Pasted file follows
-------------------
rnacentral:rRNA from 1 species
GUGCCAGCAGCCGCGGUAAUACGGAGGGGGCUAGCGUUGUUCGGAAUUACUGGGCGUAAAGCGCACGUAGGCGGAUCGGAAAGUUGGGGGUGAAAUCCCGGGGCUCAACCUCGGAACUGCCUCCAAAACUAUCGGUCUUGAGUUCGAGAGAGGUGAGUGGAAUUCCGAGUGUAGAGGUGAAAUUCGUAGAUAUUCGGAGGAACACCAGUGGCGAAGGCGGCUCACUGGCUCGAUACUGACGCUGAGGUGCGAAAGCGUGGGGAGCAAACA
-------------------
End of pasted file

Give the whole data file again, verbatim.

rnacentral:rRNA from 1 species
GUGCCAGCAGCCGCGGUAAUACGGAGGGGGCUAGCGUUGUUCGGAAUUACUGGGCGUAAAGCGCACGUAGGCGGAUCGGAAAGUUGGGGGUGAAAUCCCGGGGCUCAACCUCGGAACUGCCUCCAAAACUAUCGGUCUUGAGUUCGAGAGAGGUGAGUGGAAUUCCGAGUGUAGAGGUGAAAUUCGUAGAUAUUCGGAGGAACACCAGUGGCGAAGGCGGCUCACUGGCUCGAUACUGACGCUGAGGUGCGAAAGCGUGGGGAGCAAACA